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Discussion Questions for this Sunday's Sermon Texts
July 1st, 2012
Discussion Questions: REFORMED, ALWAYS BEING REFORMED
2 Chronicles 15:1-19
1) The Spirit of the Lord comes upon Azariah son of Oded, and he prophesies to King Asa. When does the Spirit of the Lord come upon Christians? Has He ever come upon you? How would you know? What is the connection between the Spirit and prophecy?
2) “If you seek the Lord, He will be found by you,” is part of Azariah’s prophecy. How have you found the Lord when you sought Him? What insights does the hymn, “I Sought The Lord, And Afterward I Knew” give to this prophecy?
3) The societal chaos described in verses 3-6 sounds very much like what was happening during the period of the Judges, “when there was no king in Israel and everyone did what was right in his own eyes.” (See Judges, chapters 17-21) How is American society like this today? Is it possible that our society’s problems are bleeding over into the Church? What are Christians to do about this?
4) Asa and the people take an oath to kill anyone who will not seek the Lord. What are Christians to make of Old Testament death penalties for heresies? If death is not required in the New Testament, what are Christians supposed to do about heresy? Simply tolerate it? 5) Asa even removes his grandmother from her honored position as Queen Mother because she practiced, or had practiced, the Baal worship of the Canaanites. What parts of remaining faithful to biblical faith have you found difficult? What fears do you now have about remaining faithful?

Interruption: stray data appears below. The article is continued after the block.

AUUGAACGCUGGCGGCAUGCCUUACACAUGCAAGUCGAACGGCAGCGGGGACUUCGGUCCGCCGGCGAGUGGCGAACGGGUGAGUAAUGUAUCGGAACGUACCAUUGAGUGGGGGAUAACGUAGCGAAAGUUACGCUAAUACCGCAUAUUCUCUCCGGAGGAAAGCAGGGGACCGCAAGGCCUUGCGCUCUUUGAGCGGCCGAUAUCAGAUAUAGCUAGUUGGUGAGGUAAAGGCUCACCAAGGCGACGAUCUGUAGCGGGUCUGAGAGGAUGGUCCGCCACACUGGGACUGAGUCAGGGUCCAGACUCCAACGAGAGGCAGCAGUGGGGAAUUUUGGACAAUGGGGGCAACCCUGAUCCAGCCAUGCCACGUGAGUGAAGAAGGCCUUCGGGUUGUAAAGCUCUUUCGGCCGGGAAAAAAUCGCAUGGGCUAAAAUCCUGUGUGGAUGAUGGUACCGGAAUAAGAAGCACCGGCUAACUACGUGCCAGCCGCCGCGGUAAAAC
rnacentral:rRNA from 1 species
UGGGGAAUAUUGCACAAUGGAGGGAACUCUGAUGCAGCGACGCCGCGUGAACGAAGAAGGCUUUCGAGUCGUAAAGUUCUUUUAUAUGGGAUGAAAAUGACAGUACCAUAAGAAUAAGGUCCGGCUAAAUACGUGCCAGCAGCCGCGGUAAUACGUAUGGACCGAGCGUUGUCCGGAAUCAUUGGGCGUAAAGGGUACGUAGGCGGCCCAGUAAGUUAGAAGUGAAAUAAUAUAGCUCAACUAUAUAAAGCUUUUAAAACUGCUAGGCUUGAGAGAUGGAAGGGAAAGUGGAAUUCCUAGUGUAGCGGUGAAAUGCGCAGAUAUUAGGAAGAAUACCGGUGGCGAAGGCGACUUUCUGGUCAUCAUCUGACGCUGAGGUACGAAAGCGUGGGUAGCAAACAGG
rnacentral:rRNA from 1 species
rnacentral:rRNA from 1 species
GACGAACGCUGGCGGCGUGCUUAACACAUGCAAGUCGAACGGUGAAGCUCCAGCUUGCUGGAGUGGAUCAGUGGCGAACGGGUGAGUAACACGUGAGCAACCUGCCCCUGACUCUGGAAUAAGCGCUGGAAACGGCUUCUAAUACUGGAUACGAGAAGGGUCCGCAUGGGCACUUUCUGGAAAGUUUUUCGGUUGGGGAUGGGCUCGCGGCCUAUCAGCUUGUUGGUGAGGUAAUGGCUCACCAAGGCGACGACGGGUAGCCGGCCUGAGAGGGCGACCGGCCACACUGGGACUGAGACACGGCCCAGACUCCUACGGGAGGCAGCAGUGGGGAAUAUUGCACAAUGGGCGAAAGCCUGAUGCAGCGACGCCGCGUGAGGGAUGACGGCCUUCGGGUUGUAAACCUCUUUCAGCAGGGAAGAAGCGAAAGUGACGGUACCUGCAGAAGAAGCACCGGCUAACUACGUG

2 Timothy 3:1-17
6) Paul warns about the coming moral chaos of “the last days”. What does it mean to live in the last days? Were they living in them in the 1st century? Why or why not? Are we living in them now? Why or why not?
7) Jannes and Jambres are legendary characters, not named in the Bible, but according to tradition, the Egyptian magicians who opposed and duplicated the miraculous signs of Moses and Aaron before Pharaoh. By the first century, in both Judaism and Christianity, they were considered archetypal heretics who opposed the truth. (This would be like a preacher referring to the daughter of Herodias as “Salome”, even though the gospels do not name her; the congregation would know the reference.) Jude also refers to Jewish legends known by his readers in his letter (Michael and the devil arguing over the body of Moses). Does the referencing of legendary or literary characters as illustrations in the Bible undermine its historicity? Why or why not?
8) Why will everyone who wants to live a godly life in Christ Jesus be persecuted? What persecutions have you faced?
9) How does the Old Testament make people wise for salvation in Christ Jesus?
10) What is the meaning of verses 16 and 17? Even though Paul probably is speaking exclusively about the Old Testament scriptures, do these words apply to the New Testament as well? Why or why not?
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